Nonetheless the Eisenhower administration feverishly sought a suitable replacement for Batista, despite his willingness to renege on his earlier flirtation with communism, discussed in Julia E. Sweig’s Inside the Cuban Revolution, to gain favor from Washington; Castro was not a viable alternative from the perspective of agency heads, as Eisenhower recalls in his memoirs that Allen Dulles believed communists had already infiltrated the 26th of July movement as early as 1958, despite communist disdain for Castro described above. Unhelpful in teasing out the history is that Richard Nixon, then Vice President to Eisenhower, later lied persistently about circulating an internal memorandum condemnatory of Castro, likely in chest-thumping anti-soviet fury, to which we’ll return.
Castro led a successful overthrow of Batista on New Years’ Day 1959, the day after Batista fled to the Dominican Republic. For a brief time, Washington was somewhat ambivalent about Castro’s new government, described in Luxenberg’s analysis. Castro installed a temporary president, Manuel Urrutia Lleó, and in a goodwill meeting with the American Society of Newspaper Editors in the United States, Castro said in April 1959 :
I know the world thinks of us, we are Communists, and of course I have said very clear that we are not Communists; very clear.
Nixon hosted Castro for a three hour meeting after Eisenhower apparently snubbed him to play golf. The memorandum detailing the meeting, described by Alex Luxenberg in an investigation of Eisenhower’s possible contributions to Castro’s eventual pact with Moscow, was actually rather sympathetic :
[m]y own appraisal of him as a man is quite mixed. The one fact we can be sure of is that he has those indefinable qualities which make him a leader of men. Whatever we may think of him he is going to be a great factor in the development of Cuba and very possibly in Latin American affairs generally. He seems to be sincere; he is either incredibly naive about Communism or under Communist discipline - my guess is the former.... But because he has the power to lead...we have no choice but at least to try to orient him in the right direction[.]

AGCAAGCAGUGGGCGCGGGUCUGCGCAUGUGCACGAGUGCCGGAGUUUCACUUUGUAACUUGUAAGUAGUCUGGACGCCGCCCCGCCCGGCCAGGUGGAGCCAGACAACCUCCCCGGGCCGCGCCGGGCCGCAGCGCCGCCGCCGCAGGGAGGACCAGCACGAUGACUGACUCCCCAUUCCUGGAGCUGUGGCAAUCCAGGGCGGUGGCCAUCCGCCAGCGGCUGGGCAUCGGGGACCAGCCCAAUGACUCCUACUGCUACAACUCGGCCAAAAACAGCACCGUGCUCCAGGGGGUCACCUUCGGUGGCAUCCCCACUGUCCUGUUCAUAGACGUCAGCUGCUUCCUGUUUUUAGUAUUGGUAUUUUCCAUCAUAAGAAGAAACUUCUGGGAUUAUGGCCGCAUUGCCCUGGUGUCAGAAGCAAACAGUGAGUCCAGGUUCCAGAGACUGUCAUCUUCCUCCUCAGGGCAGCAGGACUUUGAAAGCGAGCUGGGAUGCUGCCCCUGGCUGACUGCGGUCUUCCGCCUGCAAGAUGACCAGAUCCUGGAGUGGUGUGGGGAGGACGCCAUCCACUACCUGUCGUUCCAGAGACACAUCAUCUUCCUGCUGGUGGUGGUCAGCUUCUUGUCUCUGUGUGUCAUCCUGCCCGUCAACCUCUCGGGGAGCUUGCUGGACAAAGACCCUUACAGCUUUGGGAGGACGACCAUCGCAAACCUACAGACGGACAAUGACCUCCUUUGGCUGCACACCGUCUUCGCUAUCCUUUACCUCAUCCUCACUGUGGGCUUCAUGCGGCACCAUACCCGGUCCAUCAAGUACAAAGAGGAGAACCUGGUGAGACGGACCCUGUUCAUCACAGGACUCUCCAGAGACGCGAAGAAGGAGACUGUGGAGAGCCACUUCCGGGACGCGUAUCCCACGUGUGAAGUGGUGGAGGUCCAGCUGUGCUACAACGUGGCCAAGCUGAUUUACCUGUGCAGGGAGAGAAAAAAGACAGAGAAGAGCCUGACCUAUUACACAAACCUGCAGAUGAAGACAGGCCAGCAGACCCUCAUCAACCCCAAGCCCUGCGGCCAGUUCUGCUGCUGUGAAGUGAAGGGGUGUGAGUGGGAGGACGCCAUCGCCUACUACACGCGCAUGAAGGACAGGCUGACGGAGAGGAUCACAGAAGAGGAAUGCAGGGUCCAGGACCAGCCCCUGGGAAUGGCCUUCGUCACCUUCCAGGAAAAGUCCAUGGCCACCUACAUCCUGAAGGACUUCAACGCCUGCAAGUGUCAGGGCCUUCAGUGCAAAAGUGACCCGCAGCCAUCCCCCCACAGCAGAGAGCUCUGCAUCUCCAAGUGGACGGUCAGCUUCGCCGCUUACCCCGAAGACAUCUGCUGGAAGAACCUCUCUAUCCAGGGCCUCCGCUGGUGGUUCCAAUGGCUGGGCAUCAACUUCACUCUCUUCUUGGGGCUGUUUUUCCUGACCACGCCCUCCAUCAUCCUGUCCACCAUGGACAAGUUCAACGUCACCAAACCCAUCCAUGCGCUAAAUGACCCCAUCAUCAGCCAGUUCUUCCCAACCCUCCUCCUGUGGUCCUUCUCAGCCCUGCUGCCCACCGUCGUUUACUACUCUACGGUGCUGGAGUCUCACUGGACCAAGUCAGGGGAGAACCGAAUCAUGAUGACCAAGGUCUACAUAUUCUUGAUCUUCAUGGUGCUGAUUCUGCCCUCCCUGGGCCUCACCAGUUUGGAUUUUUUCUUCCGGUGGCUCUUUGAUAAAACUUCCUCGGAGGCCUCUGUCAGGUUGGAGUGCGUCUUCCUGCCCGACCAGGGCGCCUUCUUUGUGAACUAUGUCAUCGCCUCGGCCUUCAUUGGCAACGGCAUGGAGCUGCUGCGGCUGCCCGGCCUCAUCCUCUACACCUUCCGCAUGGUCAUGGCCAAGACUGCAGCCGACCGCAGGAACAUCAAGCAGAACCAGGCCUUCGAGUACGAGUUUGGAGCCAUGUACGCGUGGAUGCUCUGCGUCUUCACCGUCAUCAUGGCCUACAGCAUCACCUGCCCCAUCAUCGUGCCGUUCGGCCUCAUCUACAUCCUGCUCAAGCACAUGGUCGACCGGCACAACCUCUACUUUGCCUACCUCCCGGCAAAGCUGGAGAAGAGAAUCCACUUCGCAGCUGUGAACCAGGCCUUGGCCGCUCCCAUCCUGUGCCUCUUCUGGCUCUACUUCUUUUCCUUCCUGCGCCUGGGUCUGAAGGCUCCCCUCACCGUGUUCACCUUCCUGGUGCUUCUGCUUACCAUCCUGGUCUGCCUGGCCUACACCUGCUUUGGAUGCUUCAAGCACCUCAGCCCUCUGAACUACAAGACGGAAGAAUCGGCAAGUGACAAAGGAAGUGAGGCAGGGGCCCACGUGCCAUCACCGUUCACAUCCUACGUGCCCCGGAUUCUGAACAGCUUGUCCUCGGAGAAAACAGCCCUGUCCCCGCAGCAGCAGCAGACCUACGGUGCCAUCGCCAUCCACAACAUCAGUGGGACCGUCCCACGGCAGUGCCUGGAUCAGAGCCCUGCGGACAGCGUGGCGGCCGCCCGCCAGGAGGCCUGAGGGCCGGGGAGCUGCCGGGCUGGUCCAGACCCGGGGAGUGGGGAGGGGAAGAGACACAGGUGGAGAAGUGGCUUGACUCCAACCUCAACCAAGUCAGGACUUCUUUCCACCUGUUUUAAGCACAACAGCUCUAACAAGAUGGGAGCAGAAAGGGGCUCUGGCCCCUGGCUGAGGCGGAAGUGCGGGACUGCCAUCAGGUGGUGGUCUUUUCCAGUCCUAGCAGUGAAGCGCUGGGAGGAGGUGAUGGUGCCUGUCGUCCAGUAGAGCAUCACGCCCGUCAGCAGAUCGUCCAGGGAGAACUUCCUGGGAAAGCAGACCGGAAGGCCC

Castro returned to Cuba with plans of agrarian reform aimed for moving the economy away from near exclusive sugar production (a population can’t survive on just sugar). Expropriating farmlands obviously would require U.S. corporations to relinquish sugar plantations : American business leaders protested to Washington, heralding another refrain of a tired tragedy of American hegemony in Latin America briefly mentioned above. Specifically, despite virtually zero evidence of Soviet influence in the 1959 coup, Washington once again cried “communism,” the public relations bogeyman served to justify crushing the genuine threat Castro represented : nationalism and independence in satellite states. This “threat”, evidenced in Castro’s staunch anti-Americanism, along with Eisenhower’s tepid response to Castro’s outreach, chilled relations in 1959. Anti-communist and communist forces in the July 26 movement sparred, compelling Urrutia to resign; Castro, seeking unity, more warmly received communists in his midst.
In the remaining parts of this series, we’ll discuss Castro’s alliance with Moscow and the near unremitting hostility to follow, but first a few words on Luxenberg’s analysis. He argues ultimately that Eisenhower bears minimal responsibility for Cuba’s enmeshment with the Soviets, suggesting Castro pursued this relationship himself for his own reasons, perhaps in galvanizing his power; his thinking is that Latin America suffers some neglect in U.S. foreign policy, tacitly suggesting that a firmer hand in Cuba was justified, resigned to the obvious ineffectiveness of sanctions, something we’ll discuss more in depth later. Still, Luxenberg writes,
[n]evertheless, it is not enough to suggest that just because an individual is not a member of the Communist Party that such a person cannot be an enemy of the United States. If Castro's ties to the Communists are a matter of debate, those of the Ayatollah Khomeini are not. Yet no one would question the virulent anti-Americanism of the latter[,]
and he quotes Allen Dulles as having written,
thousands of the ablest Cubans, including leaders, businessmen and the military, who worked hard to put Castro in and were risking their lives and futures to do so, did not suspect that they were installing a Communist regime[,]
taken together to indicate an amnestic conclusion that Castro pursued Soviet relations and communism perhaps out of mere anti-Americanism and cartoonish villainy, again overlooking the substantial role even a little American effort in reversing the damage six decades of economic and political imperialism could have played in better relations, to say nothing of the indiscussible topics of economic, political, and democratic empowerment of Cuba for Cubans.